• Topics: Introduction to modern control systems with emphasis on the role of control in overall system analysis and design. Examples drawn from throughout engineering and science. Open versus closed loop control. State-space methods, time and frequency domain, stability and stabilization, realization theory. Time-varying and nonlinear models. Uncertainty and robustness. (3 hours lecture)
  • Prerequisites: ACM 104; CDS 110; calculus of one and several variables; linear algebra; differential equations

CDS 213 - Robust Control (3/2 units†)

  • Topics: Linear systems, realization theory, time and frequency response, norms and performance, stochastic noise models, robust stability and performance, linear fractional transformations, structured uncertainty, optimal control, model reduction, m analysis and synthesis, real parametric uncertainty, Kharitonov's theorem, uncertainty modeling. (3 hours lecture)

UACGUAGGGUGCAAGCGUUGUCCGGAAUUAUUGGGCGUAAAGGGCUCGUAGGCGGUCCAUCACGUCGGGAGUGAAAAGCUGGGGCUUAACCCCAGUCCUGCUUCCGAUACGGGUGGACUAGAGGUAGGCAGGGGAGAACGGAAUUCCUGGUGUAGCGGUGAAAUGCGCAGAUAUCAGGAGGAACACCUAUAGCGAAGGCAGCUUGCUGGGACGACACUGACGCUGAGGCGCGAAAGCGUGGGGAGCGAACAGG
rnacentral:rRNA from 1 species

• Prerequisites: CDS 212

CDS 240 - Nonlinear Dynamical Systems (3/2 units†)

  • Topics: Analysis of nonlinear dynamical systems modeled using differential equations, including invariant and center manifolds, bifurcations, limit cycles, regular and singular perturbations, the method of averaging, input/output stability. Additional advanced topics may be included based on student and instructor interests. (3 hours lecture)
  • Prerequisites: CDS 140

​† Quarter system units/Semester system units at Cal State LA

The following courses are availbale for Fall 2017:

ACM 104    Applied Linear Algebra, TR 2:30-4:30
ACM 106a  Intro Methods of Computational Mathematics, TR 1:00-2:25
ACM 116    Intro to Probability Models, TR 9:00-10:25

The following courses are availbale for Winter 2018:

ACM 106b  Intro Methods of Computational Mathematics, TR 1:00-2:25